Foreign-Language Learning Promoted
Friday, January 6, 2006
President Bush announced plans yesterday to boost foreign-language study in the United States, casting the initiative as a strategic move to better engage other nations in combating terrorism and promoting freedom and democracy.
"This program is a part of a strategic goal, and that is to protect this country," Bush said.
The plans, which represent an expansion of some programs and the start of a few others, aim to involve children in foreign-language courses as early as kindergarten while increasing opportunities for college and graduate school instruction. They also would draw more linguists into government service and establish a national corps of language reservists available to the Pentagon, State Department, intelligence community and other agencies in times of heightened need.
Much of the instruction is intended to focus not on the traditional European and Latin American languages that Americans have tended to study most, but on what the U.S. government has identified as languages "critical" for national security. These include Arabic, Chinese, Russian, Hindi and Farsi, among others.
Bush intends to request $114 million in fiscal 2007 for the programs, which involve the departments of State, Education and Defense, as well as the director of national intelligence, according to officials who briefed reporters on details.
The announcement came at a gathering of more than 120 U.S. university presidents at the State Department organized by the administration to focus attention on the challenges of international education.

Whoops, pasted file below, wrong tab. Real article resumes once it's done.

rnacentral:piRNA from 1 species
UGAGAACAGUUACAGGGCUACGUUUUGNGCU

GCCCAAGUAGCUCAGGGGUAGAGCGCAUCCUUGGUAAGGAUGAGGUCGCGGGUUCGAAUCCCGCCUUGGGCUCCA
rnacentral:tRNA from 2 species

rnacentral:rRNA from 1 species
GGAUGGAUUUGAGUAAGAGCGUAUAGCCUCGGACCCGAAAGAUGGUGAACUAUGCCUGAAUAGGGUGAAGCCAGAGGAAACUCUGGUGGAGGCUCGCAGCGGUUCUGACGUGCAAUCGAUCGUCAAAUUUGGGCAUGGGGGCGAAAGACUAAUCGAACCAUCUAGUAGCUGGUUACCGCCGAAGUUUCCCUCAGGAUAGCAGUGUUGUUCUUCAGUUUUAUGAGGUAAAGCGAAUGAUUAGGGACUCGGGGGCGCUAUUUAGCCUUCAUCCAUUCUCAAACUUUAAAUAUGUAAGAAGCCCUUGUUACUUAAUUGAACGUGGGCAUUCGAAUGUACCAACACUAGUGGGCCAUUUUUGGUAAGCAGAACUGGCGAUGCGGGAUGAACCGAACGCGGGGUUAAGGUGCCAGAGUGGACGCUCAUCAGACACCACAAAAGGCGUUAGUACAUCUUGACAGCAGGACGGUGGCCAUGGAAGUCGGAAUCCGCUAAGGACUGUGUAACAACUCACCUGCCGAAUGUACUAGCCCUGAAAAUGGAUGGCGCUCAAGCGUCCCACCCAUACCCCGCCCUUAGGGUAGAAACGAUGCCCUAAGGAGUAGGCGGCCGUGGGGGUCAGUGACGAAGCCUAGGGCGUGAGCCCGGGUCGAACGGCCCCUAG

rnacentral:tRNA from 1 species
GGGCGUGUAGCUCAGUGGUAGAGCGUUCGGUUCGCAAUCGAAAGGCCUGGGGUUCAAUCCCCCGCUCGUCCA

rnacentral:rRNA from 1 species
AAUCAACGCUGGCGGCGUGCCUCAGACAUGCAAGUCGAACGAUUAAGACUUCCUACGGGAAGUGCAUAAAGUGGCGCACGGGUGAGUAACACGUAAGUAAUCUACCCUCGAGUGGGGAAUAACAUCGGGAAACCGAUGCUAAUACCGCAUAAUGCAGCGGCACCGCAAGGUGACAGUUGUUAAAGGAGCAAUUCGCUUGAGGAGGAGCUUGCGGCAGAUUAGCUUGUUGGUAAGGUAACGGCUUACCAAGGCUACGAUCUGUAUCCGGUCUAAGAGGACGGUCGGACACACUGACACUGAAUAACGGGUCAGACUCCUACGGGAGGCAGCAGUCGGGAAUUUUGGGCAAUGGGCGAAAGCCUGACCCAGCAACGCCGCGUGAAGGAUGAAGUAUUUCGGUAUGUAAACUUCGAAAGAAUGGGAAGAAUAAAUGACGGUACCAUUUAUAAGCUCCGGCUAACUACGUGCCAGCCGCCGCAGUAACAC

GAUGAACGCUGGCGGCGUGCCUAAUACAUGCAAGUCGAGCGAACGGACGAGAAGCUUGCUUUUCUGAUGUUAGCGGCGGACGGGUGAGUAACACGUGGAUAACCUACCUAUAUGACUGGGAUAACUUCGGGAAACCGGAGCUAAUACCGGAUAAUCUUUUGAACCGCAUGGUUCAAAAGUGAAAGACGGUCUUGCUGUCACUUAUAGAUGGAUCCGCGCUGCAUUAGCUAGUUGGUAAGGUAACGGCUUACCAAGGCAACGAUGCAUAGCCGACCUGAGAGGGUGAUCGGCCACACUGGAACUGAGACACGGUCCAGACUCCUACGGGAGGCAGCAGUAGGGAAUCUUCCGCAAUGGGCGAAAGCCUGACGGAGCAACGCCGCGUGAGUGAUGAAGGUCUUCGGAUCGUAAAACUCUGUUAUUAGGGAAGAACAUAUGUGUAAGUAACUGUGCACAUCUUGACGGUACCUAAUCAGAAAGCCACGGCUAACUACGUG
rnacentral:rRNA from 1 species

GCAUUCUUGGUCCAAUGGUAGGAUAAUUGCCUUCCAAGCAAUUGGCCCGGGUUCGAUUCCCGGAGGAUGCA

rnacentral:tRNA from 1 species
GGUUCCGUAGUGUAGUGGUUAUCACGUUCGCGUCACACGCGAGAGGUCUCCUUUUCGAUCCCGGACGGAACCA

The senior educators appeared to welcome Bush's initiative, with several calling it a positive first step toward addressing a serious shortage of linguists. But they also noted in interviews that the initial funding would be a tiny fraction of the amount needed to make a real impact.
A number of university leaders made clear as well that they are more interested in making it easier for foreign students to obtain visas to attend U.S. schools as a way of improving ties with and understanding of other countries.
Raising the visa issue himself, Bush said he wants to adjust visa policies to strike a better balance between security concerns and the entry of more students into the United States. He said he understands the "frustrations" of higher-education leaders with the visa restrictions the federal government imposed after the attacks of Sept. 11, 2001.
"It's in our national interest that we solve visa issues," he said, drawing the first of two rounds of applause. "We're going to get it right, because the more youngsters who come to America to get educated, the more likely it is people in the world will understand the true nature of America."
Although Americans as a nation have been notoriously averse to learning foreign languages, the recent conflicts in Afghanistan and Iraq and the broader fight against terrorism have made the issue a major national security concern for administration officials.
The U.S. government has found itself critically short of troops, diplomats and intelligence analysts skilled in the languages of the places where much of the battle is taking place. Further, widespread perceptions of America as culturally insensitive have contributed to the precipitous decline in the U.S. image abroad.